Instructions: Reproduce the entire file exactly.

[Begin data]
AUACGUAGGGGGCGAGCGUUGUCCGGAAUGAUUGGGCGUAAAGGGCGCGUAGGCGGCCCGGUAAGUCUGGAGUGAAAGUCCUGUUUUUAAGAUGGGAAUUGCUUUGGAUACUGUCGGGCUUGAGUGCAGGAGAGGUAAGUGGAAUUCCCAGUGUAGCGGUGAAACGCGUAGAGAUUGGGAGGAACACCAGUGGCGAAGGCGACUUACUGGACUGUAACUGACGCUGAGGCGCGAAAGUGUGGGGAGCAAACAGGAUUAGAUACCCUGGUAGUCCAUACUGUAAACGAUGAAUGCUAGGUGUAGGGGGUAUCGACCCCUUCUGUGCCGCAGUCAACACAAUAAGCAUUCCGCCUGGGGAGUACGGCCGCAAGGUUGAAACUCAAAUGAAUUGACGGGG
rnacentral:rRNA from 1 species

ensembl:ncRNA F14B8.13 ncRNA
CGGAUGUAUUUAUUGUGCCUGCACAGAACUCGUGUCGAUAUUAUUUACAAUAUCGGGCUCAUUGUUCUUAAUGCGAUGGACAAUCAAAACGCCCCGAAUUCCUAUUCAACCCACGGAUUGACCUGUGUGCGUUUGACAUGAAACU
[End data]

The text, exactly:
AUACGUAGGGGGCGAGCGUUGUCCGGAAUGAUUGGGCGUAAAGGGCGCGUAGGCGGCCCGGUAAGUCUGGAGUGAAAGUCCUGUUUUUAAGAUGGGAAUUGCUUUGGAUACUGUCGGGCUUGAGUGCAGGAGAGGUAAGUGGAAUUCCCAGUGUAGCGGUGAAACGCGUAGAGAUUGGGAGGAACACCAGUGGCGAAGGCGACUUACUGGACUGUAACUGACGCUGAGGCGCGAAAGUGUGGGGAGCAAACAGGAUUAGAUACCCUGGUAGUCCAUACUGUAAACGAUGAAUGCUAGGUGUAGGGGGUAUCGACCCCUUCUGUGCCGCAGUCAACACAAUAAGCAUUCCGCCUGGGGAGUACGGCCGCAAGGUUGAAACUCAAAUGAAUUGACGGGG
rnacentral:rRNA from 1 species

ensembl:ncRNA F14B8.13 ncRNA
CGGAUGUAUUUAUUGUGCCUGCACAGAACUCGUGUCGAUAUUAUUUACAAUAUCGGGCUCAUUGUUCUUAAUGCGAUGGACAAUCAAAACGCCCCGAAUUCCUAUUCAACCCACGGAUUGACCUGUGUGCGUUUGACAUGAAACU